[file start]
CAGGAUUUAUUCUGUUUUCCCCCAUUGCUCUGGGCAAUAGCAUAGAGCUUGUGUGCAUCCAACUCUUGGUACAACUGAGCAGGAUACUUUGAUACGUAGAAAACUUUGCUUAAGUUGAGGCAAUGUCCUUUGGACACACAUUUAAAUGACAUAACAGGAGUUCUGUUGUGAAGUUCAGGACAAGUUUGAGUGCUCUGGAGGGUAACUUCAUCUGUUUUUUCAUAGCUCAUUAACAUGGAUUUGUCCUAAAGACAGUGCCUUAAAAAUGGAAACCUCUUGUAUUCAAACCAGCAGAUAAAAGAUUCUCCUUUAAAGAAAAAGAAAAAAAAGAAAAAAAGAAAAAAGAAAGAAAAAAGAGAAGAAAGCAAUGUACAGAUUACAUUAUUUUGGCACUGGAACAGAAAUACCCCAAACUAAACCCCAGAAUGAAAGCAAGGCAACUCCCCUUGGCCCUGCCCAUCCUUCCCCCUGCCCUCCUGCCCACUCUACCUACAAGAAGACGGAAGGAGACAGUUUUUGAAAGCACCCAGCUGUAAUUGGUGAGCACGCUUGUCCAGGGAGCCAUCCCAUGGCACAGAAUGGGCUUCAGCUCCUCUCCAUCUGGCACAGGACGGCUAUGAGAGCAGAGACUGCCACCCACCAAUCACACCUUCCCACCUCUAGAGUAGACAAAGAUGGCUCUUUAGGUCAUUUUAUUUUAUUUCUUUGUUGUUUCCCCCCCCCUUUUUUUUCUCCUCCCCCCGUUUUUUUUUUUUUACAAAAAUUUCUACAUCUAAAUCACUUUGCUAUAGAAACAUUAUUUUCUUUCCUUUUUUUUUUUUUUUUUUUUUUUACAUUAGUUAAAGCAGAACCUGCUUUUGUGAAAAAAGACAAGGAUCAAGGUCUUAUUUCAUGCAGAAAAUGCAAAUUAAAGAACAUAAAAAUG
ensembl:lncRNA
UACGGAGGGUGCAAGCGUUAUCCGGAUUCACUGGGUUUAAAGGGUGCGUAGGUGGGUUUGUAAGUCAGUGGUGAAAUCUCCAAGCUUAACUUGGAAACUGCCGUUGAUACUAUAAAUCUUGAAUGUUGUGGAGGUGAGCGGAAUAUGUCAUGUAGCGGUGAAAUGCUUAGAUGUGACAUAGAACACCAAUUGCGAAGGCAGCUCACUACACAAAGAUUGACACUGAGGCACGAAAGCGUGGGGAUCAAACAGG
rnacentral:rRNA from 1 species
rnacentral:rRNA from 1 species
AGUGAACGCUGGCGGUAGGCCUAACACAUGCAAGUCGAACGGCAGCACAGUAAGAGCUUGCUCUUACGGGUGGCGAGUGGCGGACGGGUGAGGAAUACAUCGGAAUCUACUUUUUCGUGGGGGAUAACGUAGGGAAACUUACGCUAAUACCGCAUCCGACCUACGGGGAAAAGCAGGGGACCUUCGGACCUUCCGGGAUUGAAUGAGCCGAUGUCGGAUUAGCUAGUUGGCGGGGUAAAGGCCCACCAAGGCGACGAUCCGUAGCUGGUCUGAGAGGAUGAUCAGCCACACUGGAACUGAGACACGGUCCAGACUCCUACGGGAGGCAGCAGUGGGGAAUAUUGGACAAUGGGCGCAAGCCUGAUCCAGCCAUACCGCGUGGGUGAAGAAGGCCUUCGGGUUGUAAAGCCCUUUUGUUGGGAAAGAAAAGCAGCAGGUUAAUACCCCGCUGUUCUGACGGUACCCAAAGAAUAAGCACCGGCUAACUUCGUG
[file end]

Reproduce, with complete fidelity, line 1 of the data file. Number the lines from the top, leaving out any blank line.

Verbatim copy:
CAGGAUUUAUUCUGUUUUCCCCCAUUGCUCUGGGCAAUAGCAUAGAGCUUGUGUGCAUCCAACUCUUGGUACAACUGAGCAGGAUACUUUGAUACGUAGAAAACUUUGCUUAAGUUGAGGCAAUGUCCUUUGGACACACAUUUAAAUGACAUAACAGGAGUUCUGUUGUGAAGUUCAGGACAAGUUUGAGUGCUCUGGAGGGUAACUUCAUCUGUUUUUUCAUAGCUCAUUAACAUGGAUUUGUCCUAAAGACAGUGCCUUAAAAAUGGAAACCUCUUGUAUUCAAACCAGCAGAUAAAAGAUUCUCCUUUAAAGAAAAAGAAAAAAAAGAAAAAAAGAAAAAAGAAAGAAAAAAGAGAAGAAAGCAAUGUACAGAUUACAUUAUUUUGGCACUGGAACAGAAAUACCCCAAACUAAACCCCAGAAUGAAAGCAAGGCAACUCCCCUUGGCCCUGCCCAUCCUUCCCCCUGCCCUCCUGCCCACUCUACCUACAAGAAGACGGAAGGAGACAGUUUUUGAAAGCACCCAGCUGUAAUUGGUGAGCACGCUUGUCCAGGGAGCCAUCCCAUGGCACAGAAUGGGCUUCAGCUCCUCUCCAUCUGGCACAGGACGGCUAUGAGAGCAGAGACUGCCACCCACCAAUCACACCUUCCCACCUCUAGAGUAGACAAAGAUGGCUCUUUAGGUCAUUUUAUUUUAUUUCUUUGUUGUUUCCCCCCCCCUUUUUUUUCUCCUCCCCCCGUUUUUUUUUUUUUACAAAAAUUUCUACAUCUAAAUCACUUUGCUAUAGAAACAUUAUUUUCUUUCCUUUUUUUUUUUUUUUUUUUUUUUACAUUAGUUAAAGCAGAACCUGCUUUUGUGAAAAAAGACAAGGAUCAAGGUCUUAUUUCAUGCAGAAAAUGCAAAUUAAAGAACAUAAAAAUG